Along with his Chew On This well worth a read for anyone wondering what they shove down their and their kids throats.
 
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There are no independent butchers anywhere near me. Most supermarkets will have a butchery counter, but that to me is a different thing. There used to be a meat plant in Knoxville, right downtown, next to the rail yard. The property is part of “Knox Rail Salvage“ now. They buy odds and ends of building materials like tile, doors, kitchen cabinets, sinks etc, and sell them from from some very low rent property. One of the buildings is the old meat plant. I was more interested in the building than the stock. Every room had tiled walls and floor, 4-ft wide entrances and the metal track for moving the carcasses was still there. I could imagine the animals coming in by train, and leaving in boxes by train. A bit sad really, if I think too deeply.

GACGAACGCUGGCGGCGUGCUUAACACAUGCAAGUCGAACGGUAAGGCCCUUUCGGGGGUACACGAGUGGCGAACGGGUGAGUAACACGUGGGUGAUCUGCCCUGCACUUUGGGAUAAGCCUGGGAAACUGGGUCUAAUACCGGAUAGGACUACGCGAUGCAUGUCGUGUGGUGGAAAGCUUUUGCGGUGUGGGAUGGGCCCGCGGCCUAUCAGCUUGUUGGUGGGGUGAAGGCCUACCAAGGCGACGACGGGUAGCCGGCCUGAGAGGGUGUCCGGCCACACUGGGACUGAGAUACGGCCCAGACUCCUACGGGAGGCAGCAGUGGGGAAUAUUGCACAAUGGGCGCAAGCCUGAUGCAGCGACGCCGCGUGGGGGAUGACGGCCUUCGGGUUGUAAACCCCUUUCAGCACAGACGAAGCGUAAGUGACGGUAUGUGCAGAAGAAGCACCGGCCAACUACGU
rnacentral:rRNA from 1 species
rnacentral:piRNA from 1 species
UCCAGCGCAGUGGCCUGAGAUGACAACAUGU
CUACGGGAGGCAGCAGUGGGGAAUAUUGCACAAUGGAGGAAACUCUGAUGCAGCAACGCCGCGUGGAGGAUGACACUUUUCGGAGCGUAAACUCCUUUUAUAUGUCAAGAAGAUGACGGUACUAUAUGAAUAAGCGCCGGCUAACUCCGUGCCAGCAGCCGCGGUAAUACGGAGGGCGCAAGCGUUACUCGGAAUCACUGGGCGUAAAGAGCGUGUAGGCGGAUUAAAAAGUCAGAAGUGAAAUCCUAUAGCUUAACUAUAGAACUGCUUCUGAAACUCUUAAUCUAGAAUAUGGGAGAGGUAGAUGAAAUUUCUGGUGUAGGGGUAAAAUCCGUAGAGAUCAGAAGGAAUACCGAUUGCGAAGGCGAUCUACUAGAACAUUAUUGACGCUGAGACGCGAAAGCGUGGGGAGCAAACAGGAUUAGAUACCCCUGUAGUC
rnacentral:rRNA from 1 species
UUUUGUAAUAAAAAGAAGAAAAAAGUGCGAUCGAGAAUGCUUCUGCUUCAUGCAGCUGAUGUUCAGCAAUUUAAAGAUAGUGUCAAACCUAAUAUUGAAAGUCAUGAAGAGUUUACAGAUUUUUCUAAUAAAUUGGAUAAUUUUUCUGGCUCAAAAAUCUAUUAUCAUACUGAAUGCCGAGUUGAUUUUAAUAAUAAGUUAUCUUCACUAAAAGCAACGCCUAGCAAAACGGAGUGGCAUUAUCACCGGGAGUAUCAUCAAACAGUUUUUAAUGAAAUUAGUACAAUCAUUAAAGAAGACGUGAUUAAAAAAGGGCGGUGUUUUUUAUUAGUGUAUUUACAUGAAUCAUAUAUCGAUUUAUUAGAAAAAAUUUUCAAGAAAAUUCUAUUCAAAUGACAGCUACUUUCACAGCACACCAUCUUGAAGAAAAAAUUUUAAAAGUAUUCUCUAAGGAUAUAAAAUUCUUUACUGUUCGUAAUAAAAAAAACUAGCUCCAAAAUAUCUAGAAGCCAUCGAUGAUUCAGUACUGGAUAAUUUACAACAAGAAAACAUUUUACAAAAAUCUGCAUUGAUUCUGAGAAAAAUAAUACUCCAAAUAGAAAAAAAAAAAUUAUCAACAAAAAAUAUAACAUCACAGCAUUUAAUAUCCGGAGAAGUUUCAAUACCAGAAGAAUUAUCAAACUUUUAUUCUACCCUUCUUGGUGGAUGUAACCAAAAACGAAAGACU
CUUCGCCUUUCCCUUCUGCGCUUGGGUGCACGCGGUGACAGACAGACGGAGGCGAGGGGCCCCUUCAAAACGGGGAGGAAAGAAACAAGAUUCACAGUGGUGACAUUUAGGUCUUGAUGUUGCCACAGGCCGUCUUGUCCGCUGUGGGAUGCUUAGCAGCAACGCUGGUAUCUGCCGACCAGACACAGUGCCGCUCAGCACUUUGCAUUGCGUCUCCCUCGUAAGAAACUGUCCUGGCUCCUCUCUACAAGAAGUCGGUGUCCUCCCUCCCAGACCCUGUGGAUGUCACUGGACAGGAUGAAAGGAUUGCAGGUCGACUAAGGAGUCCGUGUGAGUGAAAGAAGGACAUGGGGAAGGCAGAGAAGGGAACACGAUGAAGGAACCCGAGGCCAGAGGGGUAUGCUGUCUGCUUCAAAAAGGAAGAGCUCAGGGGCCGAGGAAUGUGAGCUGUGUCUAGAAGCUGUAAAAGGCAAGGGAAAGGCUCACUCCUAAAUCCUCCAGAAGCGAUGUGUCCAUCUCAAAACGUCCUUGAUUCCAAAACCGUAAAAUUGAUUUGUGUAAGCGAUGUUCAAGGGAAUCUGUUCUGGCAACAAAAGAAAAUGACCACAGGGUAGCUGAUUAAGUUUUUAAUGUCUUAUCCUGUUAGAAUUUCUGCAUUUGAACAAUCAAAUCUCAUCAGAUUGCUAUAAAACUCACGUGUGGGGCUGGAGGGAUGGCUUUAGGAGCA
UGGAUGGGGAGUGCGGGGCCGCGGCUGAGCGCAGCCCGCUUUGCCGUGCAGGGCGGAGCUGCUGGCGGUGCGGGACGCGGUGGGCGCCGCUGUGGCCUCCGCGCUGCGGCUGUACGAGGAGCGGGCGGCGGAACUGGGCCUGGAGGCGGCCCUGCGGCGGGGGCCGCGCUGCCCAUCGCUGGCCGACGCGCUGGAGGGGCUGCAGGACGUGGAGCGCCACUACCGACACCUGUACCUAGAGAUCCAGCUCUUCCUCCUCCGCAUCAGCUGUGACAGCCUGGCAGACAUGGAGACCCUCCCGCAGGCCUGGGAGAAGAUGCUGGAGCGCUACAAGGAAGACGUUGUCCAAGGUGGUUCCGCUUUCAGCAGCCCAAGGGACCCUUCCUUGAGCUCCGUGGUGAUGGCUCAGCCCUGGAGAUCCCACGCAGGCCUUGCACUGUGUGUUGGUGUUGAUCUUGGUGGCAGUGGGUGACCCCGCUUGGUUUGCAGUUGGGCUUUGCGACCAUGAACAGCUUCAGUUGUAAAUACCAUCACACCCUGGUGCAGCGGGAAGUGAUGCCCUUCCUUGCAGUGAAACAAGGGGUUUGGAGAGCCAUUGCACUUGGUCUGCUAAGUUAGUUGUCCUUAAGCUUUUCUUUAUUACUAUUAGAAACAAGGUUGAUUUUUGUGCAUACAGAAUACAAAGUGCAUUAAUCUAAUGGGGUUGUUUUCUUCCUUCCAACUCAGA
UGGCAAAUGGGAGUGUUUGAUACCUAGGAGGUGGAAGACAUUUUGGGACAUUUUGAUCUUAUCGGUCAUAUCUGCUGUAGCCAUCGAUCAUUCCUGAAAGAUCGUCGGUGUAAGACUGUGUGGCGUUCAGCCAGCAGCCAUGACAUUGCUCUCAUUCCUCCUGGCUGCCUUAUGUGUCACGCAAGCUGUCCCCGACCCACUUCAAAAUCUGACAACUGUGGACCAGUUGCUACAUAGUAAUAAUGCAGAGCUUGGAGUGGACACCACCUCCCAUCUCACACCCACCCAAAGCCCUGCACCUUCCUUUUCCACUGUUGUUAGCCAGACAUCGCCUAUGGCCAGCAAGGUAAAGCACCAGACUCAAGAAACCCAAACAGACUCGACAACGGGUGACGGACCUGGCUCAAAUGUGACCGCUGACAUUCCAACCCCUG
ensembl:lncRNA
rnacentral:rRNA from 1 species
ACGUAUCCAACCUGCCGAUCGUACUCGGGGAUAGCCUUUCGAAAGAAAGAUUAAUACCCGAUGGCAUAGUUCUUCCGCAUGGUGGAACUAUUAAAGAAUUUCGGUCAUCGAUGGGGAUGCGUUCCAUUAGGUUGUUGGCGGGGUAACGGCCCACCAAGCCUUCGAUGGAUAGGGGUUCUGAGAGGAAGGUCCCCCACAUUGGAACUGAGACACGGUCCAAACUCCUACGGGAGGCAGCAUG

Today the meat industry seems to have consolidated into larger facilities further out of town, and reefer trucks rather than rail. The distribution is through chains of supermarkets rather than wholesale markets and independent retailers. It might be different in some cities/areas, but not round here, more’s the pity.
A mate of mine is a mixed cattle sheep farmer. A few years ago he was offered good prices by Waitrose for his Aberdeen Anguses. He refused whilst a fellow farmer took up the deal; the reasoning Tom said was because they will tie him in then drop the price per carcass.

Sure enough a few years into the deal matey farmer who took the initial good price was getting just over 50% of that original price but tied into a contract that still had several years to run. Something about the quality of the carcasses has suddenly declined!!